|Publication number||US4736157 A|
|Application number||US 06/886,885|
|Publication date||Apr 5, 1988|
|Filing date||Jul 18, 1986|
|Priority date||Jul 18, 1986|
|Publication number||06886885, 886885, US 4736157 A, US 4736157A, US-A-4736157, US4736157 A, US4736157A|
|Inventors||Michael R. Betker, Robert H. Dunphy|
|Original Assignee||Voyager Technologies, Inc.|
|Export Citation||BiBTeX, EndNote, RefMan|
|Patent Citations (5), Referenced by (41), Classifications (9), Legal Events (5)|
|External Links: USPTO, USPTO Assignment, Espacenet|
The present invention is related to monitoring the resistance between two bodies, and more particularly, to electrical circuits for checking the resistance between a body (for example, a person or tool) to ground.
Most types of modern electronic components (e.g., metal oxide semiconductor field effect transistors--MOSFETs) are susceptible to damage due to static electrical discharge. The gate-source breakdown in MOSFET occurs at about 100 volts, but due to the very high input impedance between gate and source (about one T-ohm), even a low-energy source such as static discharge can cause the MOSFET breakdown voltage to be exceeded.
When a MOSFET suffers breakdown, its gate oxide layer is permanently shorted, rendering the device useless. Gate protection devices are therefore incorporated in almost all MOSFET integrated circuits to prevent gate-oxide breakdown. Such protective circuits significantly reduce the input impedance of the gate prior to actual gate breakdown, making the device more resistant to destruction, especially once the device is installed in a circuit. Nevertheless, precautions must be taken. when installing and/or testing MOSFET devices to ensure against dangerous static electric discharge.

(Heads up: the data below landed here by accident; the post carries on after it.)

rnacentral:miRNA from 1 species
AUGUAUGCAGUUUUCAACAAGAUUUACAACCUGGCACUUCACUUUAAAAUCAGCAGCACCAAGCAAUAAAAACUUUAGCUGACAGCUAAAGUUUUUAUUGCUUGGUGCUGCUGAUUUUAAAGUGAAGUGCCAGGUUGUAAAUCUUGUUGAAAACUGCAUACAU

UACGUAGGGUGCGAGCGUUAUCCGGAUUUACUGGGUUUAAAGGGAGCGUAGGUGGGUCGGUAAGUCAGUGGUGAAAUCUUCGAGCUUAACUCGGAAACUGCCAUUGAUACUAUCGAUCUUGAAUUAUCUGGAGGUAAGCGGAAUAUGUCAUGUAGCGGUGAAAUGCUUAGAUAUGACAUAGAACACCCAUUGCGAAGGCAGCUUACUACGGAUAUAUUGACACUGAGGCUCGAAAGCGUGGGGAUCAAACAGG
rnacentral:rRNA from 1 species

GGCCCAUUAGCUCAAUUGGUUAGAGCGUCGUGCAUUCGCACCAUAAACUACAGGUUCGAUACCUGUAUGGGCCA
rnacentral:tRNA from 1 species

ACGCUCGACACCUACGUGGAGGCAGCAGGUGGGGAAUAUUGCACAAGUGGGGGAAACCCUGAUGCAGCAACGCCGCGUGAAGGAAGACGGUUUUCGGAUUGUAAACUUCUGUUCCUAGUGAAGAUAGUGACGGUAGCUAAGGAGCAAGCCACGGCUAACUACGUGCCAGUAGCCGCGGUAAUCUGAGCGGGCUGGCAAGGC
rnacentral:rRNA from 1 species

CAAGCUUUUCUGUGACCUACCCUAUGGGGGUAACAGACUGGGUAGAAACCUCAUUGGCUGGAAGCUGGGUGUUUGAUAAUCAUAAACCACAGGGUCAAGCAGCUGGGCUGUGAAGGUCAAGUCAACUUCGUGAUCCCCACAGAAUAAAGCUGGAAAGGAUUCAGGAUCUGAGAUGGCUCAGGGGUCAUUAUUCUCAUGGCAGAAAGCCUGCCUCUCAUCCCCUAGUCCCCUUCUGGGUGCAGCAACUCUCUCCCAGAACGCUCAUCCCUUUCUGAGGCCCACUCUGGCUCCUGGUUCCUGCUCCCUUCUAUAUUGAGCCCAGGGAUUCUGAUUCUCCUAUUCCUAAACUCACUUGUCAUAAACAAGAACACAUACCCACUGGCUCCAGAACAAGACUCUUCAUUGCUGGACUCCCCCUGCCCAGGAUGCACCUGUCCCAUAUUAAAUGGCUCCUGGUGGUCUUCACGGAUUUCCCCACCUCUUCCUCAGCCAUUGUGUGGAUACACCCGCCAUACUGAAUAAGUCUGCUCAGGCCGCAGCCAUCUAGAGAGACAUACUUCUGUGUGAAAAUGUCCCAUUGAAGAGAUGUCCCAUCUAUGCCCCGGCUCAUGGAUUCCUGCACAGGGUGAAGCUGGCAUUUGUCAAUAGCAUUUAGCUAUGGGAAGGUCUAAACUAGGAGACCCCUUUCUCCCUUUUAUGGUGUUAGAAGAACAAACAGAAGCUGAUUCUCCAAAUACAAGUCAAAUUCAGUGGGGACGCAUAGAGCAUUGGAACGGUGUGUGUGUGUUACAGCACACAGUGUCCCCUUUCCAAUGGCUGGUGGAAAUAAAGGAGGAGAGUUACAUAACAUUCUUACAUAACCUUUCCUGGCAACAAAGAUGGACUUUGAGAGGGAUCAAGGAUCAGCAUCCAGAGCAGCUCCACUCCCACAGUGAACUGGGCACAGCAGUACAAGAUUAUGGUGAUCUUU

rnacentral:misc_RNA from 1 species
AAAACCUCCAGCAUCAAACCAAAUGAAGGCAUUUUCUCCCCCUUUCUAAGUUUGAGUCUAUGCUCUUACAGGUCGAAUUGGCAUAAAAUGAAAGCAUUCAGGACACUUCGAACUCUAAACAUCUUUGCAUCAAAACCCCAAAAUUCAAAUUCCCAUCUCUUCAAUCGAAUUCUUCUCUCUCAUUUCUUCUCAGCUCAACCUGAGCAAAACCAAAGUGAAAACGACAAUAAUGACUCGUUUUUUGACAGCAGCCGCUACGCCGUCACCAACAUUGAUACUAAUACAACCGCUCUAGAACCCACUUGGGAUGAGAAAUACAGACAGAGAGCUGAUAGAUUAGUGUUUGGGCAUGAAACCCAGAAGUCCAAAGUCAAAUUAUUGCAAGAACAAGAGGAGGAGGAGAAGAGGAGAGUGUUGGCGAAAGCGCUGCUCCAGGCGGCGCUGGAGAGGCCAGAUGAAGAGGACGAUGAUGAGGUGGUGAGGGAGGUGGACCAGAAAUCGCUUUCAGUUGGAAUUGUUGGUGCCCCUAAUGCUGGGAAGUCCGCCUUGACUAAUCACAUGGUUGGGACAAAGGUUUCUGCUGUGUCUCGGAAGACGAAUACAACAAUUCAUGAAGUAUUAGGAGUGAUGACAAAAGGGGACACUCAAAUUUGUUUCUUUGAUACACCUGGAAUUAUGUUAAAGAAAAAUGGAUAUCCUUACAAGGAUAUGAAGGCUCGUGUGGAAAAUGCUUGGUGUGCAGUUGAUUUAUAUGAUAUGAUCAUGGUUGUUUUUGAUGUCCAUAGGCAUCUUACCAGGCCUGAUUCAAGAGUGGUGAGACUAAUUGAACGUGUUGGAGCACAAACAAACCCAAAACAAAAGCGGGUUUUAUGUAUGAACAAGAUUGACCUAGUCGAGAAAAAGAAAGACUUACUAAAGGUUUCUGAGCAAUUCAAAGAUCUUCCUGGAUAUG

One common technique for avoiding static electric discharge is to electricalIy connect all objects which may come into close proximity to MOSFET devices to ground potential through resistances which are significantly less than the MOSFET input resistance. Since MOSFET devices may themselves hold a static electric charge, it is undesirable to connect such objects directly to ground potential--since this would actually encourage static electrical discharges. Instead, all persons, tools, and work surfaces which may come into proximity with the sensitive MOSFET devices are typically connected to ground potential through leads having a resistance somewhere between 106 and 1010 ohms. Such relatively large resistances are high enough to prevent static electric "sparks" from being generated, and yet are low enough compared with the input impedance of a MOSFET to gradually and safely discharge any built-up static electric charge to ground potential.
Therefore, a person should attach a "wrist strap" around his wrist before handling MOSFET devices, and connect the wrist strap to ground potential through a high-resistance lead. Any static electric charge which might tend to build up on the person is slowly discharged to ground through the wrist strap and lead (rather than rapidly discharging via an air gap to another surface)--and likewise, static charges which have built up on other bodies are prevented from discharging rapidly to the person because of the relatively high resistance between the person and ground.